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The Glass Bead Game

Ezra Klein loves the Amazon Kindle ebook reader:

My Shiny New eBrain | The American Prospect: There is much to be said for the book: its pleasing concreteness, its physicality, the crackle of its pages, its portability -- all have evolved over centuries to create an exquisitely designed entertainment device and information transmission system....

[T]he book does have a weakness... our minds... are sieves, with the holes and hooks seemingly randomly distributed. Few are immune to the frustration of glancing at our bookshelf and realizing that a tome we read a year ago has disappeared... the information and key arguments so fully lost it's as if they never were....

[M]any of us have developed ad hoc mitigation strategies. Notes... a complex but tightly defined set of symbols and underlines meant to signal the import of useful passages, a psychedelic rainbow of highlighted sentences, multicolored sticky notes jutting out from every sixth page, key arguments written down in a central set of notebooks somewhere, anything to more effectively keep hold....

The Kindle promises to take us much further. Annotations, highlighted passages, and random notes can be centrally stored, searched, and automatically attached to the book. The text itself becomes searchable, offering up its secrets in response to a well-chosen keyword.... This central repository of all we have thought or noticed or felt while reading promises to give us access to what physical books have always sought: A more perfect version of our own brains.

On some level, this is what Google does now. But the mind offered isn't ours, it's the hive's. You have access to part of my brain through my blog, access to a bit of Bob Kuttner's through The American Prospect's archives, access to an insane person's through lolcats.....

Devices like the Kindle... pledge to archive our personal intellectual histories.... They will not replace paper. More than likely, nothing will. But they will... relieve [paper] from it what it is worst at -- transmitting large amounts of information to imperfect receivers.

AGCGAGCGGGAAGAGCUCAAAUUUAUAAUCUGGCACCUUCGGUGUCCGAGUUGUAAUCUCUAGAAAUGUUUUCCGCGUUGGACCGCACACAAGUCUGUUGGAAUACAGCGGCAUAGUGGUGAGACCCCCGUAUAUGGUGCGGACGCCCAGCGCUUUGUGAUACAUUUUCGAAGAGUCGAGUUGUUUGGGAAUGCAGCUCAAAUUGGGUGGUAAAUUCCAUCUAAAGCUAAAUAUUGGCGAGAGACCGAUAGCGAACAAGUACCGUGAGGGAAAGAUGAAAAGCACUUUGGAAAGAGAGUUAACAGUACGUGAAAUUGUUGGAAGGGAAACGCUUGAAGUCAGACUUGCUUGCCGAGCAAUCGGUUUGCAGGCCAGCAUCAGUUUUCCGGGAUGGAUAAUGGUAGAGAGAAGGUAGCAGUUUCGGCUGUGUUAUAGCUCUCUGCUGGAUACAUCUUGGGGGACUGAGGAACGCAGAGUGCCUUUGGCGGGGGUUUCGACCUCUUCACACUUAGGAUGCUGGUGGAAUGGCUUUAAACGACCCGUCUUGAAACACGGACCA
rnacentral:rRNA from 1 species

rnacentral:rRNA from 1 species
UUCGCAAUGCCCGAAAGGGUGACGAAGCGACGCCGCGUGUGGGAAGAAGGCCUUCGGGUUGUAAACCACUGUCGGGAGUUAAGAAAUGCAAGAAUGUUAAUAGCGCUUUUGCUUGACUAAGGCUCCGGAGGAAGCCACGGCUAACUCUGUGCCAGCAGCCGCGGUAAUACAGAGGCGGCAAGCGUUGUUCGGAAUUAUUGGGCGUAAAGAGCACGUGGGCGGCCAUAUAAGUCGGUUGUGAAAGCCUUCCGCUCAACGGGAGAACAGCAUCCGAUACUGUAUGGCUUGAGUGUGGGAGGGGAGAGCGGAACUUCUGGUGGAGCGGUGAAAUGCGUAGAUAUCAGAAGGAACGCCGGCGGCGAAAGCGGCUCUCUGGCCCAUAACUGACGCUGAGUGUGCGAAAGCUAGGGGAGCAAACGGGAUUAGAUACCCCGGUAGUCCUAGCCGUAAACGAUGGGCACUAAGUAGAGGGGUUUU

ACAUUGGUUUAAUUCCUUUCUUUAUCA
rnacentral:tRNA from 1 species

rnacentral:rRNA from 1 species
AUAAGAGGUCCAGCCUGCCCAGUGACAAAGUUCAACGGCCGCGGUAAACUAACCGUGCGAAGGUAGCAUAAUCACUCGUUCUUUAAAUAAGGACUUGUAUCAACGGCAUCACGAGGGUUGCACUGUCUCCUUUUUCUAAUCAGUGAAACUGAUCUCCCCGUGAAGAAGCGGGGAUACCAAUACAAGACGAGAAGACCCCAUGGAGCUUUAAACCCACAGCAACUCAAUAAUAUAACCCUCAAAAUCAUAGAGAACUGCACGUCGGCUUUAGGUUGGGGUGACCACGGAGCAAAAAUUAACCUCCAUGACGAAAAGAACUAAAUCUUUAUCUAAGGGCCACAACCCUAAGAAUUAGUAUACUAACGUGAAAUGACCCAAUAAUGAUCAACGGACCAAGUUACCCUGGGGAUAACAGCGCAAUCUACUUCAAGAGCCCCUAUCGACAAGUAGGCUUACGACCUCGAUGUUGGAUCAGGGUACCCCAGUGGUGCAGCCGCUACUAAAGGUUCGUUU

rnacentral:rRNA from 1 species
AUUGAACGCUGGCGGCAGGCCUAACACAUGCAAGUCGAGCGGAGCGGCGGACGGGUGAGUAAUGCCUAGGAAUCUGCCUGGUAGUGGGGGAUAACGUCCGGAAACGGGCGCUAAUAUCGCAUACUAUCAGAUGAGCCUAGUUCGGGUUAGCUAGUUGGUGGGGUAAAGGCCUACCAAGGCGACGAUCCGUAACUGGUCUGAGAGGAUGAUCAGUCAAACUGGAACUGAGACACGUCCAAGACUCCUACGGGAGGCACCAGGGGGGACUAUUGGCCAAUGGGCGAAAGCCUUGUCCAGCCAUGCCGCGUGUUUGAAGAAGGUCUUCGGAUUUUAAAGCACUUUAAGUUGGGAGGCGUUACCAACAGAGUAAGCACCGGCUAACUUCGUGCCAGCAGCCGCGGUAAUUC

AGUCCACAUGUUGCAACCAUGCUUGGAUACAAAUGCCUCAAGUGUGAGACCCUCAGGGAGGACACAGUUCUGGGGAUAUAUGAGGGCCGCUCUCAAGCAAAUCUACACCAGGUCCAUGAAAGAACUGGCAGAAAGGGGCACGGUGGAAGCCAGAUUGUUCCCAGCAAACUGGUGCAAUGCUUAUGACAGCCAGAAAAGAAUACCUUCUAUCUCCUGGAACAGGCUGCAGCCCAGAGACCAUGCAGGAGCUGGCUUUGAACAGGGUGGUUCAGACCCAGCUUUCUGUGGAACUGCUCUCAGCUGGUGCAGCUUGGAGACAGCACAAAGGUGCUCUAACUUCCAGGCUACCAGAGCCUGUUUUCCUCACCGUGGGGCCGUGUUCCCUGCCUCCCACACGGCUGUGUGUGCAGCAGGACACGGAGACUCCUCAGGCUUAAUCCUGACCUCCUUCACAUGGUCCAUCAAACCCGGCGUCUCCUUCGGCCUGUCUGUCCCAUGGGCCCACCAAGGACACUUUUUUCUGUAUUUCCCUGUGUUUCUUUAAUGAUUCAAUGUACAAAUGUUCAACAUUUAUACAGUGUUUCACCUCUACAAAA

And as the information-transmitting task falls to a medium better suited to it, documents seeking to broadly inform will change as well. Authors will update books as new information becomes available, primary sources will be linked throughout the text, communities of readers will be linked together so the text stands next to an enlivening and enriching discussion of its arguments rather than alone in your hands, readers will vote on the bits that are most important and they will be highlighted or marked as you travel through the text.... Our computers and electronic readers will honor our books in a way we could not: by remembering them.

20071208_delong_micro.jpg I think that the public web can today do everything that Ezra Klein hopes that some descendant of the Kindle can do someday--and more. If I want to search a more perfect version of my own brain, I Google--and I include something like "site:j-bradford-delong.net" and "site:delong.typepad.com" in my search string. Voila. But I can also search Robert Kuttner's brain. And I could search Ezra Klein's brain if he would settle on a stable URL.

Plus I get more. Google not only gives me access to my own external brain pack. It gives me an army of link-creating gnomish research assistants who index and comment on what is in my external brain pack. A clear win-win.

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